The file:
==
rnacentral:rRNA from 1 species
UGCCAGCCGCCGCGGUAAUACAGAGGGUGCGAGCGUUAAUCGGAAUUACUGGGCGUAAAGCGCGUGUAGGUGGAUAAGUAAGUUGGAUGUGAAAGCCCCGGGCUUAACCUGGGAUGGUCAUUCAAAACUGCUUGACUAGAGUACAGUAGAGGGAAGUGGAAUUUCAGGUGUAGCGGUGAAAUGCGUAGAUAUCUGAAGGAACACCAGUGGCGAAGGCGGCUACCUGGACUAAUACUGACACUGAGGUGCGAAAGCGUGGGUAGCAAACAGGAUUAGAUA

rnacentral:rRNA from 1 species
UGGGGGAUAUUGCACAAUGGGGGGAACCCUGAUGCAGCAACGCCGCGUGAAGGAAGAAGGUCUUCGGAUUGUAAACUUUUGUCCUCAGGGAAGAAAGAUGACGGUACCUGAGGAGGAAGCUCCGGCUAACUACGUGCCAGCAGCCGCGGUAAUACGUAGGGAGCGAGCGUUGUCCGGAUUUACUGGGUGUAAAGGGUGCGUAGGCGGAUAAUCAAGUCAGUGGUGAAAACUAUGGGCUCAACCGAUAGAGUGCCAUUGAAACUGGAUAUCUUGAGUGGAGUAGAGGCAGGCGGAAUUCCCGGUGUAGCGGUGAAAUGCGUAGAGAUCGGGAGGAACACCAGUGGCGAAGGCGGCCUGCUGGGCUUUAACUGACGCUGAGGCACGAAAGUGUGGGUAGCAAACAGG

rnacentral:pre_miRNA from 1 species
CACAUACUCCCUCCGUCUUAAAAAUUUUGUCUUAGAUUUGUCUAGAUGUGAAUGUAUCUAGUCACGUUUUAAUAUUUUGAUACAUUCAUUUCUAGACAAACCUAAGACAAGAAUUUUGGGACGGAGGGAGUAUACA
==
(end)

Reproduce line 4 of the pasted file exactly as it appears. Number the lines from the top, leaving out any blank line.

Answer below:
UGGGGGAUAUUGCACAAUGGGGGGAACCCUGAUGCAGCAACGCCGCGUGAAGGAAGAAGGUCUUCGGAUUGUAAACUUUUGUCCUCAGGGAAGAAAGAUGACGGUACCUGAGGAGGAAGCUCCGGCUAACUACGUGCCAGCAGCCGCGGUAAUACGUAGGGAGCGAGCGUUGUCCGGAUUUACUGGGUGUAAAGGGUGCGUAGGCGGAUAAUCAAGUCAGUGGUGAAAACUAUGGGCUCAACCGAUAGAGUGCCAUUGAAACUGGAUAUCUUGAGUGGAGUAGAGGCAGGCGGAAUUCCCGGUGUAGCGGUGAAAUGCGUAGAGAUCGGGAGGAACACCAGUGGCGAAGGCGGCCUGCUGGGCUUUAACUGACGCUGAGGCACGAAAGUGUGGGUAGCAAACAGG